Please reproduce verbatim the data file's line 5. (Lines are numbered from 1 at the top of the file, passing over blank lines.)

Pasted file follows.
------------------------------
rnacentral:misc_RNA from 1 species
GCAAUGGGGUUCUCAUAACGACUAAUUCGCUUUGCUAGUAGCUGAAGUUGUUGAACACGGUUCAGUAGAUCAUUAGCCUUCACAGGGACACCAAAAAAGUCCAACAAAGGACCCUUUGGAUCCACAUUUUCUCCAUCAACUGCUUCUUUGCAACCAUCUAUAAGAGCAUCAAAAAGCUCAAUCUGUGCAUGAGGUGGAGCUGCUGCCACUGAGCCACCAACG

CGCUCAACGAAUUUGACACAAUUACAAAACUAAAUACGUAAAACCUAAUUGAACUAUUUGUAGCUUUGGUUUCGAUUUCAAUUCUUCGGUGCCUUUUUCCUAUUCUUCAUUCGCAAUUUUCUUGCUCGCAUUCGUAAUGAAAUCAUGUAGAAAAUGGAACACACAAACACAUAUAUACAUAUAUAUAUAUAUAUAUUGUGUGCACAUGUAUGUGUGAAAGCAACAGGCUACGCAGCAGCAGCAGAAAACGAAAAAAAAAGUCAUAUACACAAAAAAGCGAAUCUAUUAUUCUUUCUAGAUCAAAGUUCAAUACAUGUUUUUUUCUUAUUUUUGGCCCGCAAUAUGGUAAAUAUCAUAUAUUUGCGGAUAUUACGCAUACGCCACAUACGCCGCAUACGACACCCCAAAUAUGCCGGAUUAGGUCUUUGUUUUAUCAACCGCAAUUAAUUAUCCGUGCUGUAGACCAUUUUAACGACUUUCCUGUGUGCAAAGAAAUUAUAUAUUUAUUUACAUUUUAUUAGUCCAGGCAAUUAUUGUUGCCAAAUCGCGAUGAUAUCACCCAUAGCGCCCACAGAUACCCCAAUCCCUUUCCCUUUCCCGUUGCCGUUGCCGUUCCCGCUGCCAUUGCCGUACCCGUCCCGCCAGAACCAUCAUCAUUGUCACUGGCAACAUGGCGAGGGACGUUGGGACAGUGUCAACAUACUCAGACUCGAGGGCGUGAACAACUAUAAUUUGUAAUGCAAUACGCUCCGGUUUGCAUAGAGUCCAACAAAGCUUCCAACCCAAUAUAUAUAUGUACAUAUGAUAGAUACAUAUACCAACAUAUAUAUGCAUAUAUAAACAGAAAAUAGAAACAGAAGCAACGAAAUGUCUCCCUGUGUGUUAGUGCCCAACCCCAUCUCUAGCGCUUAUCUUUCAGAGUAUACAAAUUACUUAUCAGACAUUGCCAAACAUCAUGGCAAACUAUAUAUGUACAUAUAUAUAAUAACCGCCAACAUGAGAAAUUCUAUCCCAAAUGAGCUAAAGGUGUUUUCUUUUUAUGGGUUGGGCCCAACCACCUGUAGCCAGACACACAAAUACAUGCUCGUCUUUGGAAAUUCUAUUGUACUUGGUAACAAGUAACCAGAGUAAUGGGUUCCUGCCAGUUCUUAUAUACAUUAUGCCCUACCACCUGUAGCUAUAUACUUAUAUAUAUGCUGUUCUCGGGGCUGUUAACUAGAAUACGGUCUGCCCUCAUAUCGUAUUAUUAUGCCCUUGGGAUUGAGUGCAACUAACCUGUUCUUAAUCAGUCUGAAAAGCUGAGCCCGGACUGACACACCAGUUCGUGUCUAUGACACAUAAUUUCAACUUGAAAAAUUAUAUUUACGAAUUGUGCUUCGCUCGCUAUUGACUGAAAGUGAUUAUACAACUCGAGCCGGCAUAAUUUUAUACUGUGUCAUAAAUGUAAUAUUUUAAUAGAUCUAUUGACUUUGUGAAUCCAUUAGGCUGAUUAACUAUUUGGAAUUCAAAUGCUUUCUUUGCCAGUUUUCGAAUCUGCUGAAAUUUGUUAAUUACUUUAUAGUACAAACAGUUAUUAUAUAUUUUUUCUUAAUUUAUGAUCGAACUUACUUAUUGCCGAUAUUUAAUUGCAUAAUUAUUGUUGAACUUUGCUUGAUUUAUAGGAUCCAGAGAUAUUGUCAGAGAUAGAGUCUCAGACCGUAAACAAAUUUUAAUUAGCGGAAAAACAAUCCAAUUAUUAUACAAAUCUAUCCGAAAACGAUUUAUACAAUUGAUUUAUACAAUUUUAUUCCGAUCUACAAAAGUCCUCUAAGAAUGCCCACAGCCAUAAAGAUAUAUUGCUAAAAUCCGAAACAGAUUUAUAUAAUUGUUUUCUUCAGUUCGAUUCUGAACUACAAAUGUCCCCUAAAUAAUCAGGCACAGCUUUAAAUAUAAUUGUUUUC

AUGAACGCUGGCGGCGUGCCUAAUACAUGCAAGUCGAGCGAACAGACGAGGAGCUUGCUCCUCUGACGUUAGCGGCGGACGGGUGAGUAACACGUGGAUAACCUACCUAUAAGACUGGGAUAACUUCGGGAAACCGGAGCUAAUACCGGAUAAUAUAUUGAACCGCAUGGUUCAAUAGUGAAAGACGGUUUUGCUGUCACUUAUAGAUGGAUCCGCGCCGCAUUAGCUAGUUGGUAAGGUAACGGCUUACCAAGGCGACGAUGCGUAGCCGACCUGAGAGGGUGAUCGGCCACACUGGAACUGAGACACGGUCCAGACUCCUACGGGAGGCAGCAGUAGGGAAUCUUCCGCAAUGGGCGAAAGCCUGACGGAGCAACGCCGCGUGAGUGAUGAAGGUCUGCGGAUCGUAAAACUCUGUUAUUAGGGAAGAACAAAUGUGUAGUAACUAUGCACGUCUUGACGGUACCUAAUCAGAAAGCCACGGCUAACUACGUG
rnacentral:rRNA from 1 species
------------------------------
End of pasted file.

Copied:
rnacentral:rRNA from 1 species